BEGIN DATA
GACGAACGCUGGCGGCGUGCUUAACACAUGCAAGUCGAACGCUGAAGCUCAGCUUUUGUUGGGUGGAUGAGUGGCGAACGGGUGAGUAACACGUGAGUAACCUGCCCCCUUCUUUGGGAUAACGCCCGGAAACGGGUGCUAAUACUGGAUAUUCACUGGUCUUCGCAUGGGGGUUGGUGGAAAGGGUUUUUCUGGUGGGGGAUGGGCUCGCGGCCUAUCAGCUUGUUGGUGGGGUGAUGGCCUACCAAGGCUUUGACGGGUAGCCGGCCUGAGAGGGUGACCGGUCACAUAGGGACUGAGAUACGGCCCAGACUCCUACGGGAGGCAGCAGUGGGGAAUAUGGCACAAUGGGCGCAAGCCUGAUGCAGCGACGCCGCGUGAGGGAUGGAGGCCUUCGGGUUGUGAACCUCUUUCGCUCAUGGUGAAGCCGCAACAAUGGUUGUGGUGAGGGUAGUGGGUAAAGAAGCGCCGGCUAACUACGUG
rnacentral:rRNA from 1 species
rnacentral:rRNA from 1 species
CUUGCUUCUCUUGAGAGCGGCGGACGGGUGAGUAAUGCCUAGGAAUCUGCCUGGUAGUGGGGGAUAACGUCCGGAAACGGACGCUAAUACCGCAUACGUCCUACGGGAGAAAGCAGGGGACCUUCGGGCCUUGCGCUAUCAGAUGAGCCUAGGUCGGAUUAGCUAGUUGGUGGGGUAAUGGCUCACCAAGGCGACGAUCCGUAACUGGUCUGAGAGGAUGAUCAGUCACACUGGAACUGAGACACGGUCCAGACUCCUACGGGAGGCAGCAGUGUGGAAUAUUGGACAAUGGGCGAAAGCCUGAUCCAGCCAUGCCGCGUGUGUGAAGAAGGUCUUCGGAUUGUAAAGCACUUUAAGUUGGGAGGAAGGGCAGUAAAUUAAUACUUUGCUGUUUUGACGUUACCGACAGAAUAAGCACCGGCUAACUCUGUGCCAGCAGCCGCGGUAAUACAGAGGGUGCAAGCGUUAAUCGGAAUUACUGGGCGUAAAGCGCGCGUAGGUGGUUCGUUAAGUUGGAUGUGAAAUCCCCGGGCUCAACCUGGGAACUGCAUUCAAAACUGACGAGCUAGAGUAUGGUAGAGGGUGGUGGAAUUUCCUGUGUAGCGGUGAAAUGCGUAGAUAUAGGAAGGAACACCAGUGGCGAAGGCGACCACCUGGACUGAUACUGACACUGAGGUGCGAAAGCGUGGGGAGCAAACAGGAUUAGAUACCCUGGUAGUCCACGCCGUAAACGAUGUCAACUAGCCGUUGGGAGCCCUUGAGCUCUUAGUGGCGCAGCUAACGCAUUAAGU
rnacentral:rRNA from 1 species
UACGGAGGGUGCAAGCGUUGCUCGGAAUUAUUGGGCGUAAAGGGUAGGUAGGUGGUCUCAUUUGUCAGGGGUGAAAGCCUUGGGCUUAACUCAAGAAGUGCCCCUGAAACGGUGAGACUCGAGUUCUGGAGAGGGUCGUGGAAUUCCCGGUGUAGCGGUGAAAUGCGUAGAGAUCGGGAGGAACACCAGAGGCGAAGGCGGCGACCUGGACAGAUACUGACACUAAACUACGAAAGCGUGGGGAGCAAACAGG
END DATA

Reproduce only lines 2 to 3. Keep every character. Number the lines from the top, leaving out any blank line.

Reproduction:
rnacentral:rRNA from 1 species
rnacentral:rRNA from 1 species